From: Alberto Fasso' (fasso@SLAC.Stanford.EDU)
Date: Sun Oct 29 2006 - 20:43:55 CET
I have tried your source with;
and the open statement written this way DOES work.
However, many other things don't work.
I will try to list not only a number of errors, but also examples
of bad FLUKA programming style, hoping that they will be useful also to
other users. By "bad FLUKA programming style" I mean ways of programming
which are possibly accepted by the compiler, but that increase the risk
of getting wrong results, mainly because of numerical rounding problems.
real PI, TWO_PI, HPI,rcut
real x0,y0,z0, emu0,theta0,phi0
The whole FLUKA is written in double precision. If a user wants to
declare his own floating point variables, they also MUST be in double
precision. The only exception is when those variables must be passed to
some external program which requires single precision (e.g. HBOOK).
Declaring coordinates, energy, angles as REAL, calls for bad trouble.
Pi and 2*Pi are already parameterized in COMMON DBLPRC (look it up in
PARAMETER ( PIPIPI = 3.141592653589793238462643383279D+00 )
PARAMETER ( TWOPIP = 6.283185307179586476925286766559D+00 )
Note the number of significant figures used! Actually they are prepared
for a possible future use in quadruple precision, but at least 16
significant figures should be used. It is strongly suggested to use
such pre-parameterized values, because they minimize the risk of
rounding problems. DBLPRC contains a lot of parametrized mathematical and
physical quantities. Please use them any time it is possible.
Strange that the compiler did not complain. How can you declare N as integer
(not necessary, since all variables beginning by I,J,K,L,M,N are already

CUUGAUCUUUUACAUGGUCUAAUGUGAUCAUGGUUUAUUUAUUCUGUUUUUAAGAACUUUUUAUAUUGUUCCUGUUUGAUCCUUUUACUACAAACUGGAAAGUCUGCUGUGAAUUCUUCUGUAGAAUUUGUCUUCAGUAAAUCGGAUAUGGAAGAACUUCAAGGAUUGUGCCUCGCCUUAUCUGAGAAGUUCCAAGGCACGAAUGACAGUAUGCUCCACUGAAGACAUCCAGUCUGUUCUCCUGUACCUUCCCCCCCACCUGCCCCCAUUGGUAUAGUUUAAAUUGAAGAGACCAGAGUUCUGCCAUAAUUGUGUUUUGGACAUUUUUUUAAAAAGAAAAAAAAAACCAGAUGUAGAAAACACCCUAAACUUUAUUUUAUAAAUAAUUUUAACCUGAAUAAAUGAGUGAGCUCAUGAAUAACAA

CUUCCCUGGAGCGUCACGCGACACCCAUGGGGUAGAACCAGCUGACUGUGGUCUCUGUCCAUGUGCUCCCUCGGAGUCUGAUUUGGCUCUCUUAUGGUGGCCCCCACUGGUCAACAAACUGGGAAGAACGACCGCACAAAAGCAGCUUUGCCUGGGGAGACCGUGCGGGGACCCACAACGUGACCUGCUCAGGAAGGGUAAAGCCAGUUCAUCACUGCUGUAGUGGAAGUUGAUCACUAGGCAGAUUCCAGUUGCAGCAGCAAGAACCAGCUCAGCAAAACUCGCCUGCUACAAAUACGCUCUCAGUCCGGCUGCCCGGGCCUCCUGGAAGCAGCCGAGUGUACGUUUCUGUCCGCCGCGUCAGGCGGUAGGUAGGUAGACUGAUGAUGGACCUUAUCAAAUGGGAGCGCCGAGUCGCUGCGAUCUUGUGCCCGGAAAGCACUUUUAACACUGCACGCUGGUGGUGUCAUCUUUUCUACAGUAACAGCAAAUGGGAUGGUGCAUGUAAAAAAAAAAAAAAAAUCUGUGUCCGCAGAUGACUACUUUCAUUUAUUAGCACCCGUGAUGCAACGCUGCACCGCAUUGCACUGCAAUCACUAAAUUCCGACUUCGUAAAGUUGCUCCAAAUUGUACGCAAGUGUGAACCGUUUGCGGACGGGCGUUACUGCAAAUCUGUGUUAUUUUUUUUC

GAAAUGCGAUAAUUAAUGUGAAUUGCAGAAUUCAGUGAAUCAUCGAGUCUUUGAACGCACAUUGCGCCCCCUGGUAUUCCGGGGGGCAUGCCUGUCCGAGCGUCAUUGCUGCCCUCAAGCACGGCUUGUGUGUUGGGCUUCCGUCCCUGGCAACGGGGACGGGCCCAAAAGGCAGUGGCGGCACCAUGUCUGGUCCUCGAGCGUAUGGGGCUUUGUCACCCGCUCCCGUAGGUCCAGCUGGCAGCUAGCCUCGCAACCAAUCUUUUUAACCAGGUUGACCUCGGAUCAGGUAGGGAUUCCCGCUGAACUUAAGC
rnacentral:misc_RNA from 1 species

declared as integers in DBLPRC), and then immediately after assign to it a REAL
Write all floating point numbers with a d: 180.d0. A number written with a d
has about 16 significant decimal figures (double precision), without the d
only 6 figures (single precision). But because in FLUKA all calculations
are done in double precision, the next ten digits are filled with rubbish.
This tends to increase substantially the accumulated noise.
Here not only the d is missing, but also the decimal point, making the
assigned value not even single precision but integer. It is true that
the Fortran rule allows that, doing an automatic conversion: but I
recommend to avoid this kind of sloppy programming, unfortunately very
common. It does not require a major effort to write instead:
Here again, 1 is written instead of 1.d0. But many simple numbers
like 1, 2 etc., are pre-parametrized in DBLPRC as
PARAMETER ( ONEONE = 1.D+00 )
PARAMETER ( TWOTWO = 2.D+00 )
PARAMETER ( THRTHR = 3.D+00 )
PARAMETER ( FOUFOU = 4.D+00 )
It is not compulsory to use this notation, but it makes sure that the
numbers are written correctly, and at the same time makes easier to
search with an editor. ONEONE is easier to find than just 1.
I stop the examples here, but all the rest of your source routine is
programmed in the same way. I may look unnecessarily picky, but the
numerical accuracy is one of the greatest assets of FLUKA. I would like
to add that if users write clear and clean code, it is much easier
for us to help when something goes wrong, like in this case.
On Sat, 28 Oct 2006, Wang RuiGuang wrote:
> Dear Alberto,
> Still have same problem although I have done according to your both ways.
> On Fri, 27 Oct 2006 07:09:30 -0700 (PDT), Alberto Fasso' wrote
> > Be careful: an open statement in your source routine must not refer
> > to a file in the current directory, because Fluka is running in a temporary
> > subdirectory. So, if the file to be opened is called xxxxx, the open
> > statement should refer to it as "../xxxxx" or give the whole
> > actual path: "/home/whatever/thisproblem/xxxxx"
> > Alberto
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